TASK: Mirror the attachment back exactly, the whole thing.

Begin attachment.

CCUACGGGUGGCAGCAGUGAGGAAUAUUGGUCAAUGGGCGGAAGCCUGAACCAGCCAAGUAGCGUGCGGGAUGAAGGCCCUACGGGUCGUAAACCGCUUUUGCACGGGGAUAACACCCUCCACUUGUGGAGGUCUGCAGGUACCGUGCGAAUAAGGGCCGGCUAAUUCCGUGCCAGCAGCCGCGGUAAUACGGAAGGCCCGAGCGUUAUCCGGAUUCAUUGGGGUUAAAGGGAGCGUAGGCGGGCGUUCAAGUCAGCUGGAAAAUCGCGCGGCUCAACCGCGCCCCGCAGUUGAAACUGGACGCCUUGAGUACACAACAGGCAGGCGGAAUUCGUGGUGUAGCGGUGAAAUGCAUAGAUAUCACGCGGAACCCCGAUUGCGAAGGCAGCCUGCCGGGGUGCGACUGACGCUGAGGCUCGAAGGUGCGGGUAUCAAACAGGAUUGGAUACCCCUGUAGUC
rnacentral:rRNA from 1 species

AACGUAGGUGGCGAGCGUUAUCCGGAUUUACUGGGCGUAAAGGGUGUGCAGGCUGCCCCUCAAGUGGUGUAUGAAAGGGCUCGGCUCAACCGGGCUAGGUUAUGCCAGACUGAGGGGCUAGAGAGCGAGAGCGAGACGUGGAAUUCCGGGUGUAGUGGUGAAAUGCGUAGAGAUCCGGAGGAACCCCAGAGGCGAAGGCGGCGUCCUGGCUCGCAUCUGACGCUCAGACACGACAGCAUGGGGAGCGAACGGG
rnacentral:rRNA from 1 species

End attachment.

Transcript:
CCUACGGGUGGCAGCAGUGAGGAAUAUUGGUCAAUGGGCGGAAGCCUGAACCAGCCAAGUAGCGUGCGGGAUGAAGGCCCUACGGGUCGUAAACCGCUUUUGCACGGGGAUAACACCCUCCACUUGUGGAGGUCUGCAGGUACCGUGCGAAUAAGGGCCGGCUAAUUCCGUGCCAGCAGCCGCGGUAAUACGGAAGGCCCGAGCGUUAUCCGGAUUCAUUGGGGUUAAAGGGAGCGUAGGCGGGCGUUCAAGUCAGCUGGAAAAUCGCGCGGCUCAACCGCGCCCCGCAGUUGAAACUGGACGCCUUGAGUACACAACAGGCAGGCGGAAUUCGUGGUGUAGCGGUGAAAUGCAUAGAUAUCACGCGGAACCCCGAUUGCGAAGGCAGCCUGCCGGGGUGCGACUGACGCUGAGGCUCGAAGGUGCGGGUAUCAAACAGGAUUGGAUACCCCUGUAGUC
rnacentral:rRNA from 1 species

AACGUAGGUGGCGAGCGUUAUCCGGAUUUACUGGGCGUAAAGGGUGUGCAGGCUGCCCCUCAAGUGGUGUAUGAAAGGGCUCGGCUCAACCGGGCUAGGUUAUGCCAGACUGAGGGGCUAGAGAGCGAGAGCGAGACGUGGAAUUCCGGGUGUAGUGGUGAAAUGCGUAGAGAUCCGGAGGAACCCCAGAGGCGAAGGCGGCGUCCUGGCUCGCAUCUGACGCUCAGACACGACAGCAUGGGGAGCGAACGGG
rnacentral:rRNA from 1 species